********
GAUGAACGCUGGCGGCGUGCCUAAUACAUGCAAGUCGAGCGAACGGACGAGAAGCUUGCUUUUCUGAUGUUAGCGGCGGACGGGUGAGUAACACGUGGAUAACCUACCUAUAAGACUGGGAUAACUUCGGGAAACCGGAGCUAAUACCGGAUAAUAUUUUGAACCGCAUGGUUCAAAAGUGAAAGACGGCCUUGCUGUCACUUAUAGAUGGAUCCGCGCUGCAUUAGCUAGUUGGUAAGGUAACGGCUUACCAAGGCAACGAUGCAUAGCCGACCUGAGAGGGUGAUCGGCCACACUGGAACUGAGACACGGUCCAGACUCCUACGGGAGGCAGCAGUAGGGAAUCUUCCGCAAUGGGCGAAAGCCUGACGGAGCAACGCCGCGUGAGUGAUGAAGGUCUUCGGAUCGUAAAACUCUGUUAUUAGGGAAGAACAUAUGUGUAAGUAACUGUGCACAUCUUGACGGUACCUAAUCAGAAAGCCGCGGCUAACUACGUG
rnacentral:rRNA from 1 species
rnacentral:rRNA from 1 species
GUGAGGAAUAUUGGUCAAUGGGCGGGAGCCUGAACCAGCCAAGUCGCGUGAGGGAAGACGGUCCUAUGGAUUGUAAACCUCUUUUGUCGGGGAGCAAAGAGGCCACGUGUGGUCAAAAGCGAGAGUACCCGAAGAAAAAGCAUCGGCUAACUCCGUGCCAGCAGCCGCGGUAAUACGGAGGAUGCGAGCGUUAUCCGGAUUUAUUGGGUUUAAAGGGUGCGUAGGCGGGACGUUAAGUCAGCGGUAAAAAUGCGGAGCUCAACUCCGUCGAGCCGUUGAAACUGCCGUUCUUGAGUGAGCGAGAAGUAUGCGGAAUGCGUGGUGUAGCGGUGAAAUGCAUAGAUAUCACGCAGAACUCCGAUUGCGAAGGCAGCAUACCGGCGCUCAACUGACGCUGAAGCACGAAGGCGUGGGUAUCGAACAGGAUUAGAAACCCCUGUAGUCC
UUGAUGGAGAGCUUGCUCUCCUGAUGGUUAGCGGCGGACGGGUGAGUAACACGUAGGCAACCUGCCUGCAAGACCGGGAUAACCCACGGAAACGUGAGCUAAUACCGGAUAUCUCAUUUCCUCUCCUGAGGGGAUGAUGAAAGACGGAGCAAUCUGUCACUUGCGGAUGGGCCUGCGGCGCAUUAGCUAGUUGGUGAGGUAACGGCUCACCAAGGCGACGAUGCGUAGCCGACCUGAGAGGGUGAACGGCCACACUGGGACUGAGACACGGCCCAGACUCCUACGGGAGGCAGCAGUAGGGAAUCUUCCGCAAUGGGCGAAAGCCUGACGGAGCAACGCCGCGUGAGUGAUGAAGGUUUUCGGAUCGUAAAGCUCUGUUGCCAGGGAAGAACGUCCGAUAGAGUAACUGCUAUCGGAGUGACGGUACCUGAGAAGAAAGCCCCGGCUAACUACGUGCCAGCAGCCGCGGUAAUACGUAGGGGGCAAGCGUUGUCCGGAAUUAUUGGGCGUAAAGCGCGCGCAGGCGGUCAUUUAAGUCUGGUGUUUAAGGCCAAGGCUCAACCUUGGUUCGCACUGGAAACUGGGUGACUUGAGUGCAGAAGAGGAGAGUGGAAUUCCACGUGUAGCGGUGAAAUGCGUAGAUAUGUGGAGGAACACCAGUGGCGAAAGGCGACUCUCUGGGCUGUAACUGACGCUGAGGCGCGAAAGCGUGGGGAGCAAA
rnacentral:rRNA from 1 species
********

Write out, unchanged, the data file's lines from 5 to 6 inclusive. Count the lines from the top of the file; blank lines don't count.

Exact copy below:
UUGAUGGAGAGCUUGCUCUCCUGAUGGUUAGCGGCGGACGGGUGAGUAACACGUAGGCAACCUGCCUGCAAGACCGGGAUAACCCACGGAAACGUGAGCUAAUACCGGAUAUCUCAUUUCCUCUCCUGAGGGGAUGAUGAAAGACGGAGCAAUCUGUCACUUGCGGAUGGGCCUGCGGCGCAUUAGCUAGUUGGUGAGGUAACGGCUCACCAAGGCGACGAUGCGUAGCCGACCUGAGAGGGUGAACGGCCACACUGGGACUGAGACACGGCCCAGACUCCUACGGGAGGCAGCAGUAGGGAAUCUUCCGCAAUGGGCGAAAGCCUGACGGAGCAACGCCGCGUGAGUGAUGAAGGUUUUCGGAUCGUAAAGCUCUGUUGCCAGGGAAGAACGUCCGAUAGAGUAACUGCUAUCGGAGUGACGGUACCUGAGAAGAAAGCCCCGGCUAACUACGUGCCAGCAGCCGCGGUAAUACGUAGGGGGCAAGCGUUGUCCGGAAUUAUUGGGCGUAAAGCGCGCGCAGGCGGUCAUUUAAGUCUGGUGUUUAAGGCCAAGGCUCAACCUUGGUUCGCACUGGAAACUGGGUGACUUGAGUGCAGAAGAGGAGAGUGGAAUUCCACGUGUAGCGGUGAAAUGCGUAGAUAUGUGGAGGAACACCAGUGGCGAAAGGCGACUCUCUGGGCUGUAACUGACGCUGAGGCGCGAAAGCGUGGGGAGCAAA
rnacentral:rRNA from 1 species